Reply

  5. Things are going to get very interesting.
    One of the most important things we must now do, is bust all myths spouted by the ‘Tory Party Farmers Association’ or more commonly known as the NFU, (yes the conservatives do have a Union). They are going to go into overdrive, in an attempt to resist change.
    I also hope the Government do not approach STFA for information regarding radical Land reform. The STFA is an organisation there to promote tenant farming in this country and therefore automatically promotes the Land Lord system. OK, for issues within a tenancy they may well do a good job, but for radical land reform they are not the ones to ask.
    As the films, blogs and podcasts above show, it is now time for the SG to listen to the people on the land, we will tell them the real situation.

    Reply

    • SS – what are the NFUS myths? [That’s a genuine question, BTW, not a rhetorical way of saying I don’t believe they exist.]

      Reply

      • Neil, popular NFU myths are; ownership is not important, land use is; Tenancies are crucial to Scottish Agriculture; you need to scale up to survive; subsidies should not be capped; land tax is bad; the price of land will never come down; membership of NFU to qualify for certain payments; land managers???? play an important role in Scottish agriculture.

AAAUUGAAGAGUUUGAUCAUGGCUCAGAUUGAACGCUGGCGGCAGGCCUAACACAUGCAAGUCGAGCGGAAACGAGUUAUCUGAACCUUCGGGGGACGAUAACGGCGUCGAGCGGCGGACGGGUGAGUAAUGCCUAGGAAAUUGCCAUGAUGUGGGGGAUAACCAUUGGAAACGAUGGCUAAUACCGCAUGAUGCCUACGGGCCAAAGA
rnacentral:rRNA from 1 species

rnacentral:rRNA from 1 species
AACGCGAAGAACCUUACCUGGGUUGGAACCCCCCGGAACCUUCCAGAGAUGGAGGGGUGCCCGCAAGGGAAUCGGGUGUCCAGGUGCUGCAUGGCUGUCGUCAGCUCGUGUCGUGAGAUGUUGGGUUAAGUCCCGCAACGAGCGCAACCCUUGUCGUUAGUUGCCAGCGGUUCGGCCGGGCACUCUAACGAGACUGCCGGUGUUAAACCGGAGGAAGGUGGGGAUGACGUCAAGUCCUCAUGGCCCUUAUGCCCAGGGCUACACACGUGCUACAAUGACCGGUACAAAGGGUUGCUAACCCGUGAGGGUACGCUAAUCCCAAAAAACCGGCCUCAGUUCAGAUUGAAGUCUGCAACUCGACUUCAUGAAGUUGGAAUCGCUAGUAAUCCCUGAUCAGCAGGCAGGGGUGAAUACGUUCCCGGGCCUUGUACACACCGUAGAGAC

Basically steering an industry away from ‘Agri-culture’ and more towards ‘Agri-biz’, we are all being forced into ‘their ocean’, where there are big sharks and most of us can’t even swim!

        Reply

        • Thanks SS, I understand. To my mind, these are the sorts of issues this Future of Scottish Agriculture consultation should be focussed on. I don’t think it is, though …

          Reply

  6. Thank you for posting these links, Andy.

    There ought to be a moratorium on evictions and rent hikes whilst this bill is being decided; actually, there ought to be a ban on evictions full stop given this is the 21st Century and not the 18th/19th century Clearances.